4. A device for the purpose specified, which comprises a pair of sheet metal wheel sections each provided with a plurality of blades sections in. a lane angularly disposed with respect to the plane of the wheel section, one of said wheel sections provided with a plurality of tonguesarranged to be clinched over the other wheel sections to secure said wheel sections together back to back and to position said wheel sections with respect to each other in order to match said blade sections together to form fan blades,

whose sections lie in the same common plane. 5. A fly wheel of sheet metal construction consisting of two identical wheel sections and provided with pressed out fan blades.

6. A flywheel of sheet metal construction consisting of two identical wheel sections each of which is provided with pressed out radial fan blades.

7. A flywheel of sheet metal construction consisting of two identical wheel sections each of which is provided with pressed out fan blades and a belt groove around the peripheral edge of said wheel which is formed by cooperating rim portions of the sections.

8. A fan made of two disks cut and pressed to form blade portions and matched together to rovide a relatively large number of blades 0 relativel great width by reason of matching the bla e portions of each disk together in alignment to form the individual blade.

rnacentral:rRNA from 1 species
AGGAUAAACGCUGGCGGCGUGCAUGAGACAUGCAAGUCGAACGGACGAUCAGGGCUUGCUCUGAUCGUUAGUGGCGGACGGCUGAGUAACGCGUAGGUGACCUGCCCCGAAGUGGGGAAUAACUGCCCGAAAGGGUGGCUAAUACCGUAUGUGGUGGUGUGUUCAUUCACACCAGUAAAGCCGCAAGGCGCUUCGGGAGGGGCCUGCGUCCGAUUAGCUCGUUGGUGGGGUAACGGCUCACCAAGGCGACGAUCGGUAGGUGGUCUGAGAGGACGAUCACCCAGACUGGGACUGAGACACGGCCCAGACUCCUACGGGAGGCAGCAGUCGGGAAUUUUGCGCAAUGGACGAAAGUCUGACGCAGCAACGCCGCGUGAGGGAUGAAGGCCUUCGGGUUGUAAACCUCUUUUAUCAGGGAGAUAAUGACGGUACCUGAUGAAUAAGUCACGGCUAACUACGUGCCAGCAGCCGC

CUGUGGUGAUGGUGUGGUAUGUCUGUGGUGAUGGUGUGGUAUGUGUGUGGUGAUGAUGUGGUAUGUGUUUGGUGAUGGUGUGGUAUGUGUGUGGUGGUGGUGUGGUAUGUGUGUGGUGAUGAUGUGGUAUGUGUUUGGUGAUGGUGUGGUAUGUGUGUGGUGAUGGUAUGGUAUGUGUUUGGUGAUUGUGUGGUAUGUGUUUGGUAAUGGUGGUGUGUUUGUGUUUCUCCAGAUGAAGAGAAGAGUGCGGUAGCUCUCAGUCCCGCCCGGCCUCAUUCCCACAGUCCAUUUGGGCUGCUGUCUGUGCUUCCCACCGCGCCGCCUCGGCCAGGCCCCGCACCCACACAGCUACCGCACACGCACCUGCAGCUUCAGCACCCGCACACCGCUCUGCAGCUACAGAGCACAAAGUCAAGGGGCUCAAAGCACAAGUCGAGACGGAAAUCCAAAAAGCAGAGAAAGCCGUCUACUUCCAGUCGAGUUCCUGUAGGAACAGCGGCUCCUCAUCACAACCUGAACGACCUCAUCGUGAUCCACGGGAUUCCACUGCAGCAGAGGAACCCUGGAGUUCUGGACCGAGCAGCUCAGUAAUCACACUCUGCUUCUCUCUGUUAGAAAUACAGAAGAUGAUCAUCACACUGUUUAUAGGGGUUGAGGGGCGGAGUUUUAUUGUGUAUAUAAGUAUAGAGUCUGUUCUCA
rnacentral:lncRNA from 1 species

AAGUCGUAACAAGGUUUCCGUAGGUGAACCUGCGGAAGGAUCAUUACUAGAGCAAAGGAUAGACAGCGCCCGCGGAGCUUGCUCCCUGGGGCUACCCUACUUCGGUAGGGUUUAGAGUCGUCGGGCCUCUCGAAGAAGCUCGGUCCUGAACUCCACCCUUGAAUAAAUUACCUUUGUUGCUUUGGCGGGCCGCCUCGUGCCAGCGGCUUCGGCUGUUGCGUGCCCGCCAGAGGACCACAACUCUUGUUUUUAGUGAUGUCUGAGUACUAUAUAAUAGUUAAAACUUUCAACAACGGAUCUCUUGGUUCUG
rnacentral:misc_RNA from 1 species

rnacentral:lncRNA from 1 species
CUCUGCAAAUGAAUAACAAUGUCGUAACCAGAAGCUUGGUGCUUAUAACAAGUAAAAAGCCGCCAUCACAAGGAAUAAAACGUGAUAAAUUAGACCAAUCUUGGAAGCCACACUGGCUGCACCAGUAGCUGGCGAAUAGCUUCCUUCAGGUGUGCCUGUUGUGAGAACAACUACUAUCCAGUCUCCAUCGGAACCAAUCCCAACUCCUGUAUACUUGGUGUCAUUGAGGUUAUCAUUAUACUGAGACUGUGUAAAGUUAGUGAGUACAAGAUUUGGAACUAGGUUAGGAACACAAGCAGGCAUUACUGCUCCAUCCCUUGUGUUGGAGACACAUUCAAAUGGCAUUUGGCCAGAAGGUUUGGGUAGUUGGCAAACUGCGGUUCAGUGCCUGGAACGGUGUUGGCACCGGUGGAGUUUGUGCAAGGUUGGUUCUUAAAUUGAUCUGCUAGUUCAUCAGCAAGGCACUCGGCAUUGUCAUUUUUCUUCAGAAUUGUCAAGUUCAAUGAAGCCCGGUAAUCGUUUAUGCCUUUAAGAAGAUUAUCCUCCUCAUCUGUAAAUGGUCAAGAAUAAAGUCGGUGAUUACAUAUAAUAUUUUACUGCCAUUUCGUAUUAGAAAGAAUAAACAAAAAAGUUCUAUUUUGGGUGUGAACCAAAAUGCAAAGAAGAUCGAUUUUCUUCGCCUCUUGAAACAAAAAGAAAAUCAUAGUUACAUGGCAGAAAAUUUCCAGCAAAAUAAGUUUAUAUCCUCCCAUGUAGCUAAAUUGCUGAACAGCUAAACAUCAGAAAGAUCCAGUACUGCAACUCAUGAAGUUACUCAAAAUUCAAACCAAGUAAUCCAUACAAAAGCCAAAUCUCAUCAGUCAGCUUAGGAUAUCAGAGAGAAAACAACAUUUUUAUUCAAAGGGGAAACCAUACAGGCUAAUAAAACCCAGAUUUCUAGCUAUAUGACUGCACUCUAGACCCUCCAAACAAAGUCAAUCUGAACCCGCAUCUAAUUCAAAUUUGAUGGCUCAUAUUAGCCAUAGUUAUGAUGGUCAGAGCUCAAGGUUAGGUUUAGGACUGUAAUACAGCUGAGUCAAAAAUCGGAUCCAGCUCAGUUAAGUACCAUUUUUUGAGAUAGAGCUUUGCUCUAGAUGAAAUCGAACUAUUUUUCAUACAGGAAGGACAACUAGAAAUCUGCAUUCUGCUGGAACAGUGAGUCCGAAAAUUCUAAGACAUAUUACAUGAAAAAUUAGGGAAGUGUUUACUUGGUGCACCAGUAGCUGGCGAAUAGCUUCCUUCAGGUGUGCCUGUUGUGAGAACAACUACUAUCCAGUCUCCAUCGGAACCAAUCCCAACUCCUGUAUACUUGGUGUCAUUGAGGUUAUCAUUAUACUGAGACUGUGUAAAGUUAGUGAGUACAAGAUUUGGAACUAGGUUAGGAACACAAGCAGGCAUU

9. A fan, comprising a pair of circular disks slotted from the center out toward the periphery and distorted to provide matched-together fan blade portions which provide a relatively great number of fan blades of relatively great width.

10. In a fan, a sheet metal disk cut near the center outwardly and distorted to provide a plurality of obliquely disposed fan nt up angu- 1,eee,es1

blades the edge of the disk being flared so as to act as one wall of a belt groove.

11. A fan, com rising a pair of substantially circular d' that are cut from the center out toward the periphery and the metal intervening between the cuts obliquely distorted while the metal of the two disks along the periphery is flan outwardly, the said two disks being fit to ether with the distorted ortions a igned to orm blades of relatively large width and the fans perigheral portion matched together to form a be t groove.

12. In fan construction, a one-piece member including blades, annular inner and outer rim portions at opposite ends of the blades, and an annular hub attachment portion integral with the inner rim portion, said hub attachment portion comprising an annular leg flanged at its edge.

13. An air circulating fan formed of two discs of sheet metal secured together in concentric relation, and a lurality of radial blades struck out from t e respective discs, the latter being disposed with the openings made in the discs in forming the blades in register.